Reenvisioning the university education needs of wildlife conservation professionals in the United States

Tara L. Teel, Brett Bruyere, Ashley Dayer, Kathryn E. Stoner, Chad Bishop, Jeremy Bruskotter, Stephanie Freeman, Jennifer Newmark, Corey Jager, Michael J. Manfredo

    Research output: Contribution to journalArticlepeer-review

    Abstract

    The future viability of wildlife conservation in the United States hinges on the field's ability to adapt to changing social–ecological conditions including shifting societal values and mounting pressures to engage a greater diversity of voices in decision-making. As wildlife agencies respond to calls to broaden their relevance amid such changes, there is a need to consider the role of university education programs in preparing future wildlife professionals to meet the challenges of this new era. We identify four core areas of competency (technical, leadership, administrative, and adaptive) for universities to consider integrating into new or existing programs to support the emergent needs of the wildlife profession. We focus on undergraduate degree programs as a critical foundation for wildlife-related careers but also recommend consideration of these skill sets in other areas of professional development including graduate education. Our approach acknowledges the importance of building on traditional areas of expertise such as biology and expanding them to include more interdisciplinary training in areas such as systems approaches, the social sciences, and organizational change. We conclude with recommendations for implementation, highlighting several successful examples, for universities to contemplate as they explore programmatic changes to help build greater capacity for wildlife conservation in the 21st century.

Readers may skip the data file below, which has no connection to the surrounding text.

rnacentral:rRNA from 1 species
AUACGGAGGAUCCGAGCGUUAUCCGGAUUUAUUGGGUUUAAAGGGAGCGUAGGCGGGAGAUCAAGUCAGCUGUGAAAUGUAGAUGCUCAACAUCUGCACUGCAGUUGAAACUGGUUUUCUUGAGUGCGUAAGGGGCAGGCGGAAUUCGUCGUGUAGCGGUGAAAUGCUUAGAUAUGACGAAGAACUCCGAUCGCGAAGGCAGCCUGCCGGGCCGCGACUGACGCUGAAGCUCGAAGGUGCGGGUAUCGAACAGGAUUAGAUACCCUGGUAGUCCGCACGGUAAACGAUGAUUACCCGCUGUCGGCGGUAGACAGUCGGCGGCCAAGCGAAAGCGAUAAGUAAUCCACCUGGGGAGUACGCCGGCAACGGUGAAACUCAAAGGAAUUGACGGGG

Original languageEnglish
    Article numbere610
    JournalConservation Science and Practice
    Volume4
    Issue number2
    DOIs
    StatePublished - Feb 2022

    Keywords

    • capacity building
    • conservation leadership
    • social–ecological systems
    • university education
    • wildlife agencies

    Fingerprint

    Dive into the research topics of 'Reenvisioning the university education needs of wildlife conservation professionals in the United States'. Together they form a unique fingerprint.

    Cite this